LONDON – After an emergency landing on a Swiss glacier, the group of 12 Americans drank melted snow and survived on rations of one chocolate bar a person until daring pilots shuttled them to safety after five days marooned on the ice.
Relics of that harrowing adventure and the rescue of all those onboard, including an 11-year-old girl and the captain’s mother, resurfaced after 70 years this month when scorching summer temperatures caused the ice to recede.
That uncovered a large part of the wreckage of the U.S. Air Force transport plane, including a wing and items from the cabin, like canned food and clothes hangers. The glacier’s inexorable slide had moved the plane debris about 2 miles.
Parts of the C-53 aircraft, also known as a Dakota, had been discovered over the past 20 years. But the heat waves washing over much of the continent this year have permitted the retrieval of many more artifacts that recount the death-defying story of the 1946 flight.
The plane had been heading to the southern French city of Marseille from Munich, carrying American officers and family members. The pilot, Capt. Ralph H. Tate Jr., found himself navigating among snowy peaks in turbulent weather and was forced to make a risky crash landing on the glacier.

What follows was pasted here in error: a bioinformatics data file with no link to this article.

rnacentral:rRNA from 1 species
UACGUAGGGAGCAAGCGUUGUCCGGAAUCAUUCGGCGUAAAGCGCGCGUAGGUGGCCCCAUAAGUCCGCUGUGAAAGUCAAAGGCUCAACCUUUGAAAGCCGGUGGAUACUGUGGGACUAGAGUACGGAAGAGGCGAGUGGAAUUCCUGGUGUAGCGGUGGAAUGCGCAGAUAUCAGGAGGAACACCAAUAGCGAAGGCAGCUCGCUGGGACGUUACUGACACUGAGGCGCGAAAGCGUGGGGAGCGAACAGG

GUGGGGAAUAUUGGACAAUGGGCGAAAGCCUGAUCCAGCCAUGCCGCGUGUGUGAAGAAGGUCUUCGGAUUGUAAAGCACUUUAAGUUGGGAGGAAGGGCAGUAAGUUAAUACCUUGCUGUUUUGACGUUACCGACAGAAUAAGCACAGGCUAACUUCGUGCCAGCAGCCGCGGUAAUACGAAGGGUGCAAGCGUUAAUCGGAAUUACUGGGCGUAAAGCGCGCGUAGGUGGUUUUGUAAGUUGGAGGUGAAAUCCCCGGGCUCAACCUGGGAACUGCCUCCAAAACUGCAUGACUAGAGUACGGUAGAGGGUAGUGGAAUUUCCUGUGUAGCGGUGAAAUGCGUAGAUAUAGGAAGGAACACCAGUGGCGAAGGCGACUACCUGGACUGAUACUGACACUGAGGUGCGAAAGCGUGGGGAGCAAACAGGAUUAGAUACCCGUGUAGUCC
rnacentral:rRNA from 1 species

One passenger, a sergeant, broke his knee in the crash, but the others had relatively minor injuries. Snow covered the plane and formed a kind of igloo that helped them survive, Swiss rescuers said, adding that the plane had “miraculously missed a crevice 250 feet wide and 50 feet deep.”
The rescue operation was extensive. About 150 U.S. troops stationed in Italy arrived in the village of Meiringen, at the foot of the glacier, to search for survivors.
But it was two Swiss pilots who became the mission’s heroes, flying German-made reconnaissance planes fitted with skis to land on the ice and pick up the Americans. The planes could carry only two stranded passengers at a time, however, so numerous gut-wrenching trips were needed to transport everyone to safety.
The 11-year-old onboard, Mary Alice McMahon, smiled as she got out of the rescue plane, chewing a piece of gum.
The operation — the first time the Swiss air force used planes to carry out a mountain rescue — became a milestone in Swiss aviation history.
The survival of everyone onboard continues to amaze experts. “It was the most improbable story in the history of international aviation, for a passenger aircraft cruising at a speed of 280 kilometers per hour [more than 170 mph], to hit the ground with everyone on board unhurt,” said Peter Brotschi, a Swiss aviation expert.